The GOLD COPD Stages
While staging is useful for a physician to understand the severity of a patients breathing limitation it doesn’t necessarily relate to how a patient is feeling. A patient at GOLD 1 stage can be less symptomatic than a patient at GOLD 2.
In order to have a precise idea of a patient’s quality of life new guidelines have been introduced.
COPD Assessment Test (CAT) and COPD Control Questionnaire (The CCQ) have been added to the diagnostic guidelines to give a better overall picture of a patient’s disease and quality of life. These questionnaires identify in more detail the symptoms a patient is experiencing as well as any hospital admissions.
Identifying as many factors as possible which effects a patient will give doctors and respiratory professionals the ability to individualize pharmaceutical and non-pharmaceutical treatments.
Stage 1 of COPD
Many patients have told me their COPD diagnosis was made after significant damage to their lungs had already taken place.
This is quite common as many patients don’t notice their symptoms in the early stages. It’s not until their symptoms have become limiting that they make a doctor’s appointment.
This where it’s important for doctors and the general public to be aware of the risk factors for COPD:
- Cigarette smoke – Still one of the primary causes of COPD.
- Indoor and outdoor pollutants – Wood fires and poor ventilation inside the home, air pollution outdoors.
- Asthma – If poorly managed, Asthma may develop into COPD.
- Genetic factors – Alpha-1 antitrypsin is hereditary if there is a family history you should contact your doctor immediately.
Stage 2 of COPD
At this stage, a patient could expect to notice shortness of breath and possibly an increase in coughing and sputum production.
Daily routines can start to become more challenging and affect your quality of life. Slowing COPD can be beneficial if a COPD management plan can be put in place in the early stages.
Stage 3 of COPD
When lung function falls below 50 percent, COPD becomes very tiring and burdensome.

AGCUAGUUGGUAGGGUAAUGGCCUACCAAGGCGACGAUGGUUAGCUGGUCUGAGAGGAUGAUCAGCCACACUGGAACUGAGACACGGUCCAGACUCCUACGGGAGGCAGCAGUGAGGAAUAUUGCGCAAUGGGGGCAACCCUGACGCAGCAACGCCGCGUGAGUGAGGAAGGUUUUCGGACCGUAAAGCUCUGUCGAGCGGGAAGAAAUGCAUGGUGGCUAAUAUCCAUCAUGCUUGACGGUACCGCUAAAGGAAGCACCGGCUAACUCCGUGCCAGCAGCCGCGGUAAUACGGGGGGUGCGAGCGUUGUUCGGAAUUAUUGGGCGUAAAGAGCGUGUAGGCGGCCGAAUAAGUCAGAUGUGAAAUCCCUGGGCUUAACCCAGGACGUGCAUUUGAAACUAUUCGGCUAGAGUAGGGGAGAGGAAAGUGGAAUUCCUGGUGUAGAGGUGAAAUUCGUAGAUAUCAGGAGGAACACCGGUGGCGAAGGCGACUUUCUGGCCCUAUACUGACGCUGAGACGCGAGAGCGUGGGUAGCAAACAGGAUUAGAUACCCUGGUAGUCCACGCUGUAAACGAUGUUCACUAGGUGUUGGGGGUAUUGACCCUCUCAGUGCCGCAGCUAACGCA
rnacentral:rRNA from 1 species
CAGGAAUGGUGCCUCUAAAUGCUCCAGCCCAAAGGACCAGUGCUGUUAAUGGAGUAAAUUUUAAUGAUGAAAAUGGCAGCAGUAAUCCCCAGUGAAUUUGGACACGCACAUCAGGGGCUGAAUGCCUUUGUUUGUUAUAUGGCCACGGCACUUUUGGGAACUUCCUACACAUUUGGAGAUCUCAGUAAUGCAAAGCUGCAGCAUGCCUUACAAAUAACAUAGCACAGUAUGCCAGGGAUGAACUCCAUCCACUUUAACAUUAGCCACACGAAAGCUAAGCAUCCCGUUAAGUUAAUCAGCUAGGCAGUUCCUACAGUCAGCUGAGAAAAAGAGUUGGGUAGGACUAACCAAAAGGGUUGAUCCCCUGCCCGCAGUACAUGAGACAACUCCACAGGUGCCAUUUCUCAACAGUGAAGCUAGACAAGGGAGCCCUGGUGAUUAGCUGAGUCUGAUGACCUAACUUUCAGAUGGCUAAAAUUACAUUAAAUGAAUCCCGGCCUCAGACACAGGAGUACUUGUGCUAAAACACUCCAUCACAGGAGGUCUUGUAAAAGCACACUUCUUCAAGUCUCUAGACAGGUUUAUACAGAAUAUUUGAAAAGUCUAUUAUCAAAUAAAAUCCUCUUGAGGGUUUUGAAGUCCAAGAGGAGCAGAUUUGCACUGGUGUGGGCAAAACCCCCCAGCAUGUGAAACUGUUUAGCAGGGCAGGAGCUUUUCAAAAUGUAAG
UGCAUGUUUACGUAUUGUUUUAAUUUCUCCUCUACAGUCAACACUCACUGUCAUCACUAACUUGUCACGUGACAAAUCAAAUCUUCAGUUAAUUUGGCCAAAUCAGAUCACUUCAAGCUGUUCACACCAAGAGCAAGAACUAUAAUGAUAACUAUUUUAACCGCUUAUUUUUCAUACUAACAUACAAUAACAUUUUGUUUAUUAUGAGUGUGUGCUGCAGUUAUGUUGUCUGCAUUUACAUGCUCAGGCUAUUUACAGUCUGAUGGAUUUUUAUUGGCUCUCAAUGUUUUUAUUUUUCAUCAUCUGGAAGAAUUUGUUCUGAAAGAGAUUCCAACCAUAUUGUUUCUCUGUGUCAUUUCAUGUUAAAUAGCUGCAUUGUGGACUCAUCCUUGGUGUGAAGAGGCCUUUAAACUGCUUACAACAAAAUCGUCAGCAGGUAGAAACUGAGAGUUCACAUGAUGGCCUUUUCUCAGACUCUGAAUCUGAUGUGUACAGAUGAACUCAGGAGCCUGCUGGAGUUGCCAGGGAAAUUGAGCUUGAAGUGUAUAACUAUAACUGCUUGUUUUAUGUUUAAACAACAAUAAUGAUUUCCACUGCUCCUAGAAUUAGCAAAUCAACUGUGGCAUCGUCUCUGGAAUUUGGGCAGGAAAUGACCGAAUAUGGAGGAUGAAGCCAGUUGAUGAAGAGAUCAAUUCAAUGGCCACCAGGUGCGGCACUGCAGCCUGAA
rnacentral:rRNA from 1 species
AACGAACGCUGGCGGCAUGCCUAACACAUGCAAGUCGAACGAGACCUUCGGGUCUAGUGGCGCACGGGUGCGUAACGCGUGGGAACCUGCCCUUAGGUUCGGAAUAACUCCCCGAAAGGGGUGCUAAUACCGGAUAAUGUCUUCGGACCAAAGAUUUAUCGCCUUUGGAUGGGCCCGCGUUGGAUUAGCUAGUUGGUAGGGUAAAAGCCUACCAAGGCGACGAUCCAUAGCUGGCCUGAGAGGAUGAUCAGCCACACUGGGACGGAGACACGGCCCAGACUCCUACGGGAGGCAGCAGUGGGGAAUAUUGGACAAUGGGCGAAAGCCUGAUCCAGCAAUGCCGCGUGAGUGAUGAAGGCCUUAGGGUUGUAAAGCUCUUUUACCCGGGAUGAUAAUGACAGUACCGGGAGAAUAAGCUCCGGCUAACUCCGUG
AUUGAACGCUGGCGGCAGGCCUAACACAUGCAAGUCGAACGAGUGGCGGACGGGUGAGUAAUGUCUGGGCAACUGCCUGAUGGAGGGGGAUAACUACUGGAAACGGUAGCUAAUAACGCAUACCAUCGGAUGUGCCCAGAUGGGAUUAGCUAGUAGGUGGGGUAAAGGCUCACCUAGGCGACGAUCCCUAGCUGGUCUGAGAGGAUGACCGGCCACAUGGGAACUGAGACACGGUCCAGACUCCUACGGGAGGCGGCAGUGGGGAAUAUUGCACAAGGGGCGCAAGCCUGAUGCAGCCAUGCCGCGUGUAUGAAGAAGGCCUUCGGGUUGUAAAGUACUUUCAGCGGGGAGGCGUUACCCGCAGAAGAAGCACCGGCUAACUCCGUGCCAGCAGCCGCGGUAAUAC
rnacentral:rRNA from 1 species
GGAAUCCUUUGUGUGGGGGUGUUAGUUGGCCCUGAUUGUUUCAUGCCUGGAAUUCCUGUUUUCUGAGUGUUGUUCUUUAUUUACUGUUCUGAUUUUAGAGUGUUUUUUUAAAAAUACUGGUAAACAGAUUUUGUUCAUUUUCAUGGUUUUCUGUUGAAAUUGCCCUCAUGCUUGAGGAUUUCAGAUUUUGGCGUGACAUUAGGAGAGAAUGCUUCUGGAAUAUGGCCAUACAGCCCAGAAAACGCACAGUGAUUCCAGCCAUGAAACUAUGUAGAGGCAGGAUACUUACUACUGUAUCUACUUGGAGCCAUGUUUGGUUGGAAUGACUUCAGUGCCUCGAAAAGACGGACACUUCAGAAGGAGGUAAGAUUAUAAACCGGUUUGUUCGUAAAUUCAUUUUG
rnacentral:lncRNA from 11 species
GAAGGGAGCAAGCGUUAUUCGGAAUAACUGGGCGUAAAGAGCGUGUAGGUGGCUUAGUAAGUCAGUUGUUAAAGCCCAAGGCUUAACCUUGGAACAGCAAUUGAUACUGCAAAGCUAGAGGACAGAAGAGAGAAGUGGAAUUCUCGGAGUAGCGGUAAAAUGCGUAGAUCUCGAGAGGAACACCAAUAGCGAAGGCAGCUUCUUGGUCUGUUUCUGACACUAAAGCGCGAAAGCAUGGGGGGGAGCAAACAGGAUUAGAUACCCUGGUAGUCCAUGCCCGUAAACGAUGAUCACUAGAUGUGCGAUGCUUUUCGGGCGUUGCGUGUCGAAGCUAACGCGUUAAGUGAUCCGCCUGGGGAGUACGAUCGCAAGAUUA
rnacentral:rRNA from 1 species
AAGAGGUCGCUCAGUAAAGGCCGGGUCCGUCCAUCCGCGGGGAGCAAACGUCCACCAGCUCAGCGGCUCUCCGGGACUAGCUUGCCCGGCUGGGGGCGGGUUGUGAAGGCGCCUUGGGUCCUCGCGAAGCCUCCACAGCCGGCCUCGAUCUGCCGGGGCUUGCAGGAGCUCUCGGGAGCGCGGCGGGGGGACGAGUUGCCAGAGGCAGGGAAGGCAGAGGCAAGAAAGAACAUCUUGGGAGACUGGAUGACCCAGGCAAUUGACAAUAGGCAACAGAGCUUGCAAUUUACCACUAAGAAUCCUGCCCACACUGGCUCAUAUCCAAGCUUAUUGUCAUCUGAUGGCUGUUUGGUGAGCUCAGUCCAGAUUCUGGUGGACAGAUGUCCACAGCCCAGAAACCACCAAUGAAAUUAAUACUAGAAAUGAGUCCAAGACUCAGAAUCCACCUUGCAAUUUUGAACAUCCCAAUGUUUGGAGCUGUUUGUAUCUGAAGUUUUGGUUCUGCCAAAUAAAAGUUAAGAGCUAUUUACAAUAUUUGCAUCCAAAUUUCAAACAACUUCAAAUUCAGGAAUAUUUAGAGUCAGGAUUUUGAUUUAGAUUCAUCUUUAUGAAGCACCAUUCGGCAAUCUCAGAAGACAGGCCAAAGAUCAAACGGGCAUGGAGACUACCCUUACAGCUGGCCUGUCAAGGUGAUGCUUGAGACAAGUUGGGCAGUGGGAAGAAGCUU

Activities may be made more challenging for patients who don’t manage their disease. With the lack of management, patients may expect to see new symptoms or existing ones progress quickly.
Walking up inclines such as hills or stairs can cause significant breathlessness and the number of exacerbations a patient has during the year can increase.
Stage 4 of COPD
Patients at this stage of COPD will be breathless all the time and will battle with fatigue due to the extra energy required just to breathe. Infections are common in patients with severe and very severe COPD.
Minimizing exposure to people who are sick is paramount. Exacerbations and hospital admissions can increase dramatically at this stage with the immune system constantly under attack.
Respiratory failure is more common when COPD has reached the very severe stage. Respiratory failure is when the respiratory system fails to exchange oxygen and carbon dioxide effectively, resulting in a state of hypoxia.
Hypoxia is a lack of oxygen in a patient’s blood. It can be corrected by the use of oxygen therapy.
Symptoms of hypoxia may include:
- A change in skin color, ranging from blue to red
- Fast heart rate
- Rapid breathing rate
- Shortness of breath
If you’re experiencing any of these symptoms contact your doctor immediately.
Next page: Understanding COPD progression, what the end stage means for you, and treatment options to live a fuller life.